Substance 2: Develop a Growth Strategy!

Snower advocates – rightly – the re-direction of EU structural funds towards growth-enhancing measures. This, however, does not go far enough to provide impetus towards growth. It is not only the crisis countries which need growth, but the whole of the EU/Eurozone – if to various degrees and with different measures. The overall EU economic policy orientation is towards budget consolidation and debt reduction, important in these times, but broadly insufficient. Even the sensible indicators and measures circumscribed in the Agenda 2020 (similar to the ones in the Lisbon Agenda of yesteryear) do not go far enough – and institutionally and instrumentally are subjugated to budget consolidation. The best proof of that is the institutional underpinning and sanctions provided by budget consolidation.

Both the EU and the Eurozone must adopt a more complete economic strategy portfolio, where employment creation, economic growth with environmental safeguards, external balance and budget balance are the main, and evenly weighted, pillars. This requires a European framework, under which country-specific innovation and growth policies, industrial policy, employment and training schemes and education policies supporting higher value-added production and services supply in addition to repairing the environment and finding ways to combine the avoidance of environmental degradation with welfare enhancement. In the short run, the creditor countries should use their fiscal space to support relevant measures, but in the medium to long-term run such a balanced economic policy agenda must be developed for the EU/Eurozone as a whole. So far, the relevant measures have mainly been supply-side driven, important but insufficient again. More innovative policies are necessary to reduce the competitiveness gaps between EU/EZ countries and narrow the large current and balance of payments discrepancies between the member states.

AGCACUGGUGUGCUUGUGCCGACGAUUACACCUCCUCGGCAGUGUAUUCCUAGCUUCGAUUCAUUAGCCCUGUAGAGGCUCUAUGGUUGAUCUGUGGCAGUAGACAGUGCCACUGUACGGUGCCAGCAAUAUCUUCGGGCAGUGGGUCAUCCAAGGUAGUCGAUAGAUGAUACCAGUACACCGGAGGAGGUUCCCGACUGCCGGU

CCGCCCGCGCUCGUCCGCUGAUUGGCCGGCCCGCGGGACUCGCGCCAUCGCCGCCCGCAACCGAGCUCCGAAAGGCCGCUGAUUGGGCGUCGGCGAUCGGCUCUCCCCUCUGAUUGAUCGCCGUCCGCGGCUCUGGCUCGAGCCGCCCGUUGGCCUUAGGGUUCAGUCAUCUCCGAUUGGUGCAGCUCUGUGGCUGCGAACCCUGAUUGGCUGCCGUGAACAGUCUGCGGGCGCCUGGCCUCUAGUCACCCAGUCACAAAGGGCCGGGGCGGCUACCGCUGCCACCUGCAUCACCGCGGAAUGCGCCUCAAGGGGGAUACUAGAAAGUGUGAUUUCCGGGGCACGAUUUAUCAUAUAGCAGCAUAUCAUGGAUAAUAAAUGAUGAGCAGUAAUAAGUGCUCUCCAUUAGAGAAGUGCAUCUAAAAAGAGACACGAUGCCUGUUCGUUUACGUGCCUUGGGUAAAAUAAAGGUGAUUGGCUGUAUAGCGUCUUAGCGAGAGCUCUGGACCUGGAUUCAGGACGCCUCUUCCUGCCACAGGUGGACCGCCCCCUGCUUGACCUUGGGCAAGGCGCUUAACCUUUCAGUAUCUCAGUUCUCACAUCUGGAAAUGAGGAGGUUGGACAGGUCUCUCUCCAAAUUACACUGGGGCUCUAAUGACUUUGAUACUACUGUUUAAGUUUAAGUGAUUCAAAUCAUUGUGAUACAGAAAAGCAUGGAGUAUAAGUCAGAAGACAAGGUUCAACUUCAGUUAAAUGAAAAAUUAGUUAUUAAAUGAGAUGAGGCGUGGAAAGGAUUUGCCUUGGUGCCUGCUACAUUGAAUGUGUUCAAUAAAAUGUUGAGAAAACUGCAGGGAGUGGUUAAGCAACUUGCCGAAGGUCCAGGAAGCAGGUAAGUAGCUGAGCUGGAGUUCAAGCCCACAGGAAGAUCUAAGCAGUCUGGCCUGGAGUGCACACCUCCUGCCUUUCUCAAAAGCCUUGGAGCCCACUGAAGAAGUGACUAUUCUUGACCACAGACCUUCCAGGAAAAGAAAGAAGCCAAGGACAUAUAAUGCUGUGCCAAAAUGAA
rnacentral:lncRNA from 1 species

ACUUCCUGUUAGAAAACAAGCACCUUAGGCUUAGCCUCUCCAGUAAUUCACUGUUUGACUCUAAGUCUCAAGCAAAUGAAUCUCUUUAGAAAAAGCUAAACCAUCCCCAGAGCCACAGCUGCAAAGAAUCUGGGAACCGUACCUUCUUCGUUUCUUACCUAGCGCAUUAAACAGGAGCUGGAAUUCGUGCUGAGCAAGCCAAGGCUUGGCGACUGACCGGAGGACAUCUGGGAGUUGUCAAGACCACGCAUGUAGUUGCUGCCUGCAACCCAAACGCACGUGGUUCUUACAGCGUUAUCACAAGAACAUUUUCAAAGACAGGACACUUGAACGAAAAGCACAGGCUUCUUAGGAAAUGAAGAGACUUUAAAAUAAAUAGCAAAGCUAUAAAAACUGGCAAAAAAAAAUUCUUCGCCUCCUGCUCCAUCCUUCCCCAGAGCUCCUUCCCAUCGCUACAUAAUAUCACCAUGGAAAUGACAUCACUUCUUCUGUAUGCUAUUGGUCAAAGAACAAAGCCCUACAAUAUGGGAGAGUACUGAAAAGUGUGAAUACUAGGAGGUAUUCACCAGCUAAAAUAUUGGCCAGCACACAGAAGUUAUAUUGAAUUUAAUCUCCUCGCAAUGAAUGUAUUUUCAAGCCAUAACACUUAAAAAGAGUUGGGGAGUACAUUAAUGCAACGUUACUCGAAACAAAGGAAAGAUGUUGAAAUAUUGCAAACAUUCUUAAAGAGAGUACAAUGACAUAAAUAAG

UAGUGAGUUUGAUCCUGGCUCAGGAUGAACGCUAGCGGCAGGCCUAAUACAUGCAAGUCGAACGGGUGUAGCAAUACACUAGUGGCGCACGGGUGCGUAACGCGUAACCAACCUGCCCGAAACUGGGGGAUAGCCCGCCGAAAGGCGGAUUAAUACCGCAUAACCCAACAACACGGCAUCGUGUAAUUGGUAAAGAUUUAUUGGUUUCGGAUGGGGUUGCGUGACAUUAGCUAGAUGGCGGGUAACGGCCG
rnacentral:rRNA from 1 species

The incremental approach chosen by EZ and ECB policymakers is self-defeating, since it is unable to combine solutions to the legacy questions with longer-term viability problems, in this way preventing assurance that short-term help can be paid back.

Thus, a “radical” process innovation of a Grand Bargain, or Bretton Woods II, or Eurozone Future is required in order to tie these loose ends together.

Much more radical need to be the issues of substance, i.e. how the EU/EZ will restructure its financial sector in order to restore its functionality in the future, and how to balance and design its future economic policy, away from single-minded budget consolidation direction towards a welfare-enhancing growth, environment and employment oriented strategy. Budget consolidation and debt reduction are only instruments, but not objectives of a sustainable socio-economic policy.



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Filed under Crisis Response, European Union, Financial Market Regulation, Fiscal Policy, Global Governance, Socio-Economic Development